Beware, There Is No Liquidity In This Market, Morgan Stanley Warns

As the recent swoon in the S&P showed, the lasting pain from the February vol unwind has combined with multiple policy shocks to weigh on markets. We showed the concurrent impact of the various catalysts leading to the current risk off environment with the following DB chart:

However, while the early Feb swoon was largely the result of the "Quant Quake", the transmission mechanism in this move lower is no longer systematic funds / vol target strategies, according to Morgan Stanley's Chris Metli. Instead, the MS executive director notes that this time selling has come from more fundamental/discretionary investors – the MS PB Content team has noted that there were multiple large sell days from L/S HFs this week (versus buying the week of Feb 5th ) – exacerbated by a lack of liquidity.

Here the lack of liquidity is important. 

As the MS Futures team has been pointing out since the start of the year, available size at the top of the book in the US equity futures market - i.e. how many futures can trade without impacting price - has deteriorated sharply and has remained depressed since Feb 5th. In fact as shown in the chart below, using that metric, market liquidity is now the worst since the financial crisis. There are similar signs of reduced size / wider spreads in cash and options markets as well.

As MS notes, part of the decline in liquidity is a natural function of higher volatility – spreads usually widen and available size drops when volatility increases.  But the recent decline in liquidity is sharper than typically happens when volatility spikes – based on data since 2011, available size in ES futures is 3 standard deviations too low right now versus where VIX says it should be.

There are several potential drivers of the liquidity deterioration.  The first is that market makers took substantial losses on the vol shock.  In the options market, dealers likely had to buy over $100mm of vega to cover short vol positions that were moving against them.  When market makers take losses, the natural step is to pull back and provide less liquidity.

The second cause for plunging liquidity is that there is less vol supply now, which means volatility moves higher faster as spot declines, which then feeds back into liquidity, etc.  The increase in volatility and unwind of short vol exposures in early February meant that volatility sellers took losses, and as a result have pulled back on supplying volatility to the market.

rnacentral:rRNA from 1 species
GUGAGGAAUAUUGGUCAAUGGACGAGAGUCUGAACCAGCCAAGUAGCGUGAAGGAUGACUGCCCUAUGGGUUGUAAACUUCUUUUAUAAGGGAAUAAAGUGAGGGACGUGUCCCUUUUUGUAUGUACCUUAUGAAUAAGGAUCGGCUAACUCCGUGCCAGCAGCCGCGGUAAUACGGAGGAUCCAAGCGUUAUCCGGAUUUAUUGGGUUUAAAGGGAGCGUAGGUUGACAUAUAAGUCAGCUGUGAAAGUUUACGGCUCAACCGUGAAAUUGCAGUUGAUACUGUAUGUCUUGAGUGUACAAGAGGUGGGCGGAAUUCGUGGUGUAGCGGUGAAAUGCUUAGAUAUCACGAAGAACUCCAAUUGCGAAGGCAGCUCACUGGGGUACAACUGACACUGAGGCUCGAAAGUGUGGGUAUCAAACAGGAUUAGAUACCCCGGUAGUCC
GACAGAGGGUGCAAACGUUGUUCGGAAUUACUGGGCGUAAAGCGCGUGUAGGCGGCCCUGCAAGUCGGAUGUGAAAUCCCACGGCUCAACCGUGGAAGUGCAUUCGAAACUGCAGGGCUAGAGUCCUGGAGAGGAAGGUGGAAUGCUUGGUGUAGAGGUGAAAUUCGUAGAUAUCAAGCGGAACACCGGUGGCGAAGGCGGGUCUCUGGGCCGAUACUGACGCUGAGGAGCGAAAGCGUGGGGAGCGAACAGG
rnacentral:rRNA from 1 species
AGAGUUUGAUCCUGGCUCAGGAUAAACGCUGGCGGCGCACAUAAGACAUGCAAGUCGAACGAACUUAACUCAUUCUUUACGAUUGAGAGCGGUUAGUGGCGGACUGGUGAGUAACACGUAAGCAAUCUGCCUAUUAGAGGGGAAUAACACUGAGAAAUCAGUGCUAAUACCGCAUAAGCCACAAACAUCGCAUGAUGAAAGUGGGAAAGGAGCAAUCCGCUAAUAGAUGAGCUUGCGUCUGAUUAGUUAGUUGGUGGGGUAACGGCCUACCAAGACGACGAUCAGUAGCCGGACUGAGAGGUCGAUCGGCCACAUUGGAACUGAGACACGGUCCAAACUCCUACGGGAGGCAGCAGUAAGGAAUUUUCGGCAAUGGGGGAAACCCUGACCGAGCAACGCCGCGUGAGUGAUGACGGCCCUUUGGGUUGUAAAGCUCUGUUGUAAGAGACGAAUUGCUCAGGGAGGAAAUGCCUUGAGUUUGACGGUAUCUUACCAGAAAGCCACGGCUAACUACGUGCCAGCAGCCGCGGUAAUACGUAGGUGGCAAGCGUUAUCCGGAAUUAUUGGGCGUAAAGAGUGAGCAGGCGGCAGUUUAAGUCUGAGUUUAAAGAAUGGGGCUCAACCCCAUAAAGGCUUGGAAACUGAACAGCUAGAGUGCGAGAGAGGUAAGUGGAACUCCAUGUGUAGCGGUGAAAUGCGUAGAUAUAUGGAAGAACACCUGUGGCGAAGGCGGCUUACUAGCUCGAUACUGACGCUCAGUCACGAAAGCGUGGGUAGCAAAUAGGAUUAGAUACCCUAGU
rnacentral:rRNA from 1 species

The third reason is more structural – as markets have become more fragmented and more volume has shifted to closing auctions, there is less natural liquidity during the trading day.

The final potential culprit are tighter financial conditions/higher cost of capital, especially in the form of surging FRA-OIS which we have documented in recent days. Whether this is actually impacting the ability of market makers to provide liquidity is unclear – but tighter financing certainly increases the fragility of the market. The bear case, MS notes, is that this is a function of a more hawkish Fed combined with the end of QE (which most market participants have stopped talking about).

Yet while liquidity is abysmal, there risk of violent moves as a result of systematic fund deleveraging is also lower. That said, there is some risk remaining from the systematic / vol community though according to MS:

  • Of all of the systematic funds, risk parity funds likely remain the most levered, and could bring supply – but the key risk for them is higher stock-bond correlation, which QDS does not think is likely just yet (see Don’t Fear a Little Inflation, Yet from Feb 26th 2018)
  • Institutional short volatility strategies have largely remained invested throughout the last month – should volatility remain higher for longer (as QDS thinks it will) there could be covering here

So what happens next? As Morgan Stanley summarizes, to some extent this selloff is following the usual playbook – when market participants feel enough pain from the initial shock, markets retest the lows and volatility stays higher for longer.  The path forward in spot will be driven by:

  • How fundamental investors weather this storm – no signs of panic yet, but as they give up more and more performance their resilience will be tested
  • Financial conditions and whether market makers can get some relief

The bank's conclusion: "given the instabilities and lack of liquidity in the market, investors should be wary to catch a falling knife and wait for some stability before aggressively buying.  With VIX already in the high 20s, QDS continues to think longer-dated and forward volatility is a better buy."